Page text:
Naples gym roof repair figures in

By Dawn De Busk

Staff Writer

NAPLES — This winter, a leaky roof shut down the Naples Gymnasium.

On Monday, Naples Town Manager John Hawley announced cost estimates of between $35,000 and $40,000 for repairing that roof. Additionally, he said those funds are already being included in the proposed 2018 budget.

Hawley talked briefly about the roof damage update during the Naples Board of Selectmen meeting.

Industrial Roofing, a commercial roofing company, inspected the roof by getting a core sample sometime last week, he said. The news from the experts was not uplifting.

“Everything up there has to be taken down to the wooden decking,” he said.

Industrial Roofing representatives provided the town with two options once the damaged and/or rotten wood is replaced, Hawley said.

The first option is covering the deck with flat insulation, which would cost $35,000, he said.

For $40,000, the town could invest in the tapered system that slopes toward the roof drains, he said.

“We are looking at a $5,000 difference. So, I am putting $40,000 in budget,” Hawley said.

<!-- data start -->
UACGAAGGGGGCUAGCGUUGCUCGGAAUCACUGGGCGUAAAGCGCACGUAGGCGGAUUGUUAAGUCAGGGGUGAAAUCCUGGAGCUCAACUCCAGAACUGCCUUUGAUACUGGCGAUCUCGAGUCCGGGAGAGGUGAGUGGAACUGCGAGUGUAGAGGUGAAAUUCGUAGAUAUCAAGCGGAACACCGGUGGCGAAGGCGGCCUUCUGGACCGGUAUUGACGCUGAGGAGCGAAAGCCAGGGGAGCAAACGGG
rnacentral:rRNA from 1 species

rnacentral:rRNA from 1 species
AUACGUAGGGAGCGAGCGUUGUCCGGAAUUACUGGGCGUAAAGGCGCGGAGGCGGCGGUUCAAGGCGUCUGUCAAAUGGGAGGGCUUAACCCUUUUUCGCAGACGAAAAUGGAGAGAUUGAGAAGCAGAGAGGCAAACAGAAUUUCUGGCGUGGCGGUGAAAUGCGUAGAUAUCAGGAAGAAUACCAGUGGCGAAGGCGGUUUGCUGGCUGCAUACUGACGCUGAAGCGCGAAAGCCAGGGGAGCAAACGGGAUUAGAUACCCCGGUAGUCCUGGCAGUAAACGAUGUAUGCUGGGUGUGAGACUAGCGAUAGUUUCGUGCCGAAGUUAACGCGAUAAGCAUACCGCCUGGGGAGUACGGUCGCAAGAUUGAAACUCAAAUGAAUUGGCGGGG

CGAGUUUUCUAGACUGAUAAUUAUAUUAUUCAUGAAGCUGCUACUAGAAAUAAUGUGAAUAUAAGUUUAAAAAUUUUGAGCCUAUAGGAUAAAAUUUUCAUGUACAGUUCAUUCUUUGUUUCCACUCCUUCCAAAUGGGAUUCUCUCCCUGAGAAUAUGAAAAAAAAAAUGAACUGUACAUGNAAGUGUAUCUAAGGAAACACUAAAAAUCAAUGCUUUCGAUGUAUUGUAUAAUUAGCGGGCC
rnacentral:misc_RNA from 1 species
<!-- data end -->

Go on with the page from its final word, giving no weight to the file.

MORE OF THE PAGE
Chairman Jim Grattelo suggested that the town come up with a new plan for snow removal that doesn’t involve shovels, since shovels have a tendency to poke holes in membrane-covered roofs.

Selectman Bob Caron II advocated for a pitched roof, thus eliminating the need to worry about damage from a shovel.

“It shouldn’t be a flat roof, especially in Maine. Put a pitched roof on there. It should be a pitched roof,” Caron said.

Town Manager Hawley asked, “And, we are shoveling because it leaks?”

Chairman Grattelo said, “Yes, and because of the weight” of the snow.

“We don’t know the load limits,” Hawley said.

Grattelo said that repairing the roof and installing the same roof system as before might not be the best idea — considering the issue of doing damage by shoveling.

Caron said the town should install a metal, pitched roof that allows the “snow to slide right off so we don’t have to worry about shoveling.”

Selectmen Jim Turpin spoke.

“Which way would the snow slide?” Turpin asked.

Caron said whichever way the snow slides, plow crews can remove it from the sides of the building.

“The town has its own plow truck. We can clear around the building after a snowstorm,” he said.

Caron said the selectmen should consider a roof better designed for Maine’s weather.

Naples resident Roger Clements said it would be a good idea to select a roof that doesn’t require shoveling. Often, shoveling snow from a roof can leave behind a ding that later turns into a leak.

“You cannot win that battle,” Clements said.

Several months ago, in January, Town Maintenance Director Steve Merkell told the selectmen that the gymnasium roof was leaking and all activities in the gym had been postponed.

The roof of the gymnasium is about 15 years old; and the problem with leaking surfaced only a few years after it was replaced, Merkell said.

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